By Erin Wilkins
If you or someone you love is thinking about becoming pregnant, congratulations! Planning a pregnancy can be exciting, confusing, and fun all at once. Whether you’re a single person, or planning a pregnancy with a partner, there are tons of things to think about as you follow the path toward parenthood. Here’s some information that might be helpful along the way.
A good first step when you’re thinking about getting pregnant is to schedule a preconception checkup with your primary care or reproductive health provider. It’s never too early to talk about preconception health, even if you’re not sure when you’ll start trying to get pregnant. At the visit they’ll make sure your immunizations are up-to-date, assess your overall health, and give you some tips about optimizing your fertility and getting as healthy as you can be going into pregnancy. They will also be able to provide you with referrals to providers who do inseminations and prenatal care if you need those. If you haven’t started taking prenatal vitamins yet, now is a good time to start.
Understanding your menstrual cycle and figuring out how to pinpoint ovulation can seem really confusing at first, especially if it’s something you haven’t thought much about in the past. A lot of us were never really taught the details of how conception and pregnancy actually happen, so it can be overwhelming trying to figure it all out. Hopefully you already know that a pregnancy happens when a sperm cell fertilizes an egg, which then turns into an embryo and implants itself into the lining of the uterus where it grows for about 40 weeks and magically emerges as a full-grown baby. What you might not know is that there is an entire series of events that happen within your body each cycle, involving multiple hormones and organs, that allow an egg to be released about once per month from one of your ovaries. That egg then travels through one of your fallopian tubes and makes its way toward the uterus. In order for a pregnancy to happen, a sperm cell needs to meet up with the egg soon after it’s released. There’s a small-ish window of time for the sperm and egg to meet, which is why figuring out the timing of inseminations is so important.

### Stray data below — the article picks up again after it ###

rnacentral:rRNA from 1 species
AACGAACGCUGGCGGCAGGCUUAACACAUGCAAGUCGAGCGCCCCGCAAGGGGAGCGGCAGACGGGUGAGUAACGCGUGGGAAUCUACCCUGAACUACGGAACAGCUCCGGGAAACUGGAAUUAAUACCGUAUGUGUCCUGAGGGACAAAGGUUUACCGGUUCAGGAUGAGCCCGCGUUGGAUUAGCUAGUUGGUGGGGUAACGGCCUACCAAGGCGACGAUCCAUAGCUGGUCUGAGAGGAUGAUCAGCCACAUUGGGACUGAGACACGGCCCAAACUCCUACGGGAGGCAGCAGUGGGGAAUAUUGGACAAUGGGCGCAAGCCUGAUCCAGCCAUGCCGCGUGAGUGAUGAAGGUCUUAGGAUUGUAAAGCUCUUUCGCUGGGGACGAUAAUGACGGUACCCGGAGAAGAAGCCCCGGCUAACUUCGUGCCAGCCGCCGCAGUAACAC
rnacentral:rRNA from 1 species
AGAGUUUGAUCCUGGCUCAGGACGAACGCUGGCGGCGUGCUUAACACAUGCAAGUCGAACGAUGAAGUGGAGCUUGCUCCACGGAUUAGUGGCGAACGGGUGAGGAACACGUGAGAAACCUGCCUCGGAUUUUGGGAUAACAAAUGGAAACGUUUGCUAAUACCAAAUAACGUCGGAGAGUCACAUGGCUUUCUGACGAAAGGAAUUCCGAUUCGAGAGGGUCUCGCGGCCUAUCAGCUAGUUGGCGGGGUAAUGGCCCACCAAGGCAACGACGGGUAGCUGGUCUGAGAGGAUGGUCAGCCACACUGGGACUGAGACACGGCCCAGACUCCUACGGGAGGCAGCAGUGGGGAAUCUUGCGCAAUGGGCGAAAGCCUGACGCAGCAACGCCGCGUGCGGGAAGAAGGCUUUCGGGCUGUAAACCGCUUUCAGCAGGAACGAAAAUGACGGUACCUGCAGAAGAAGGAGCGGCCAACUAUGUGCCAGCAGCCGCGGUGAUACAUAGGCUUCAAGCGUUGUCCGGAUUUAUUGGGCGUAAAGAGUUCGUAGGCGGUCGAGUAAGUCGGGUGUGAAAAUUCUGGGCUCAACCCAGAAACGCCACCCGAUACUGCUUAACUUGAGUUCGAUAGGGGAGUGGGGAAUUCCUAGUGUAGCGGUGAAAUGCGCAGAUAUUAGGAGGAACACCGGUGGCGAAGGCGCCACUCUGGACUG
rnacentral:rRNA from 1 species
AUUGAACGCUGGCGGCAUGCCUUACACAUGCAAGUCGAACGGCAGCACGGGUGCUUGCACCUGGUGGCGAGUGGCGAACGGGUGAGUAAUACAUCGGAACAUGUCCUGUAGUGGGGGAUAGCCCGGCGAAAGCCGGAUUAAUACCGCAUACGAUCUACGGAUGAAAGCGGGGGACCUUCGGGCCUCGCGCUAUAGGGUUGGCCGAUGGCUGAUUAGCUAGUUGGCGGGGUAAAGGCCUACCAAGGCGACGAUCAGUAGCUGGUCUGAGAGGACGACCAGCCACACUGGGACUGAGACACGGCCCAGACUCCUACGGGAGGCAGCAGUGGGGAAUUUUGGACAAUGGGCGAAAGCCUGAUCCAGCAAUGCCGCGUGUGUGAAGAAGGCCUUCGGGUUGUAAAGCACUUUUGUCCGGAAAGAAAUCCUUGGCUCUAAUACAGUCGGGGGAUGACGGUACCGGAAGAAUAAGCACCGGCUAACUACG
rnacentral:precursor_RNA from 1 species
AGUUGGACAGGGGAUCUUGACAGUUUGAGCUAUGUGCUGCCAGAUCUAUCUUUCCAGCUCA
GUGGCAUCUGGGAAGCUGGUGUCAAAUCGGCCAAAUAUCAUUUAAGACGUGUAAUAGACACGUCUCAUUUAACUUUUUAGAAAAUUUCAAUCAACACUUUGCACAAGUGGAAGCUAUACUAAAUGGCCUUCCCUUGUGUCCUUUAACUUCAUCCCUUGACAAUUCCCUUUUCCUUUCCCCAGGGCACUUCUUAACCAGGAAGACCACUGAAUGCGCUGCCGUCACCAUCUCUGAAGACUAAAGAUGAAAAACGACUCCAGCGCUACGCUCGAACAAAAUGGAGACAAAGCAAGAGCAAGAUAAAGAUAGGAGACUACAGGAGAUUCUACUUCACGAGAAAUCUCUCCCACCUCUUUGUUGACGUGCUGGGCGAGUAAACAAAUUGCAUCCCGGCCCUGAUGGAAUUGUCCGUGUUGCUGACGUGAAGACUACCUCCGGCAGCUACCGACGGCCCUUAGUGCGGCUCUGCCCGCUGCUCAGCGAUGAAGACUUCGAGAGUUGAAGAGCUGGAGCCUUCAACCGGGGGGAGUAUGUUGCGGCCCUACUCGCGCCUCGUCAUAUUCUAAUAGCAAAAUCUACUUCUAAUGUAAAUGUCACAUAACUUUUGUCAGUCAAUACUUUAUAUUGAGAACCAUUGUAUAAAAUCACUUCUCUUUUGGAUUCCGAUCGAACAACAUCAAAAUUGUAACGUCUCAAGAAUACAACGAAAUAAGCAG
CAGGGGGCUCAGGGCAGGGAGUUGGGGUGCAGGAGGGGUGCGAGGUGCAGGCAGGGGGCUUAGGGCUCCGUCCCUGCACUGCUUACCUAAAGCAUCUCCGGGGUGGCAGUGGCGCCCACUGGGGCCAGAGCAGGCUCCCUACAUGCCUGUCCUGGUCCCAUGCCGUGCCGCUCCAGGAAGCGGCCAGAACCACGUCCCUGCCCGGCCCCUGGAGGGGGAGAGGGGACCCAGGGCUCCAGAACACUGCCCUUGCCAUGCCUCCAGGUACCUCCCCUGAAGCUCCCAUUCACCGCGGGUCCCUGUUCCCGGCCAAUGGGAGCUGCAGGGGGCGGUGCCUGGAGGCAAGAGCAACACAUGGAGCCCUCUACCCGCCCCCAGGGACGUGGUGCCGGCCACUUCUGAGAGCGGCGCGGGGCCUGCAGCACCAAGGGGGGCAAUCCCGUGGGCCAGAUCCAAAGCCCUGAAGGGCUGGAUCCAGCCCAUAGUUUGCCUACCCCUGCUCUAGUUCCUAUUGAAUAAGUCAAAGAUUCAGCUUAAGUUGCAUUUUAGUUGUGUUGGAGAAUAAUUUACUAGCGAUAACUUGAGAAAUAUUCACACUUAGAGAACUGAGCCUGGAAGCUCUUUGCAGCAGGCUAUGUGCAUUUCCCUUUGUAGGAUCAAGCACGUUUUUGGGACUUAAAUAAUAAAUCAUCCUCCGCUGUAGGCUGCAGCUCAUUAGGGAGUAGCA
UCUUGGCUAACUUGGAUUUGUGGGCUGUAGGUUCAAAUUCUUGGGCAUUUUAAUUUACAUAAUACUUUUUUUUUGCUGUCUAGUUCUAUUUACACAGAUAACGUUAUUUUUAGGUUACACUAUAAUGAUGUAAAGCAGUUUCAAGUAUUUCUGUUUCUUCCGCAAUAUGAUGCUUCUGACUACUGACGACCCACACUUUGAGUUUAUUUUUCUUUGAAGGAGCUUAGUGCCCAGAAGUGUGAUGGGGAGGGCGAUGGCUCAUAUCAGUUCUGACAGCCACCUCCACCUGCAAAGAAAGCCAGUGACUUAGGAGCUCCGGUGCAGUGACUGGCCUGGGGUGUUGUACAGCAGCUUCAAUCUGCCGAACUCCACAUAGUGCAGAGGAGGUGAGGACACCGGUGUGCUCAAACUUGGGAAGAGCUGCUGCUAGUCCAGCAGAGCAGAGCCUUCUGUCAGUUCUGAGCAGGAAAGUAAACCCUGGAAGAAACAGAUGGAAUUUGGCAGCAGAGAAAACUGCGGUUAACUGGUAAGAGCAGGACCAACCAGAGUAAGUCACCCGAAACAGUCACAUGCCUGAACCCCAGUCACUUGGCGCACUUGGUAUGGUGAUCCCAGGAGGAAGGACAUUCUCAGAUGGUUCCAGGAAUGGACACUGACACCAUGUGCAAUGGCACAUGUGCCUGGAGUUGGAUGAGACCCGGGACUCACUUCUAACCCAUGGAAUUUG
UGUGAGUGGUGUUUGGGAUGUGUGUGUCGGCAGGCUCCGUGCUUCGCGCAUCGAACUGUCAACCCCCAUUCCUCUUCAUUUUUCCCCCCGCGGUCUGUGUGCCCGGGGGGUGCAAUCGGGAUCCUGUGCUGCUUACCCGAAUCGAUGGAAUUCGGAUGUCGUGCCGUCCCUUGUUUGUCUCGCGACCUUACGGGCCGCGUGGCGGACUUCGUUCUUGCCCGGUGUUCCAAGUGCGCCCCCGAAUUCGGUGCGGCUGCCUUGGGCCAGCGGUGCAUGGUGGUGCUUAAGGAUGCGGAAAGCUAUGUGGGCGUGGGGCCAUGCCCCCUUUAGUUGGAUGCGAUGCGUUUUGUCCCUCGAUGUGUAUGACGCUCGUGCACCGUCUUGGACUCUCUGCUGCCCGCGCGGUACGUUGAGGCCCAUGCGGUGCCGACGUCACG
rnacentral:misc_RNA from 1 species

Each person’s cycle is different, and understanding how your body works and the nuances of your individual cycle and fertility patterns is key to getting pregnant efficiently when the time comes. There are a lot of good fertility-tracking apps out there that can help you learn more about the ins and outs of your monthly cycle, or you can use a paper calendar to chart it the old-fashioned way. There are other tools you can use to track your fertility patterns, too, like ovulation predictor tests, basal body thermometers, fertile mucus microscopes, and even examining your own cervical mucus. Your health care provider can tell you more about using these tools to track your cycle.
There are two main options to choose from when it comes to sperm donors: known and anonymous. A known donor is someone you know, oftentimes a friend, who provides you with the sperm you need to get pregnant. Anonymous donor sperm comes from a person you don’t know at all, who has been paid to “donate” at a sperm bank. We have a great one here in Minnesota called Cryogenic Laboratory (www.cryolab.com) and there are many others throughout the country that will ship sperm directly to you or your health care provider.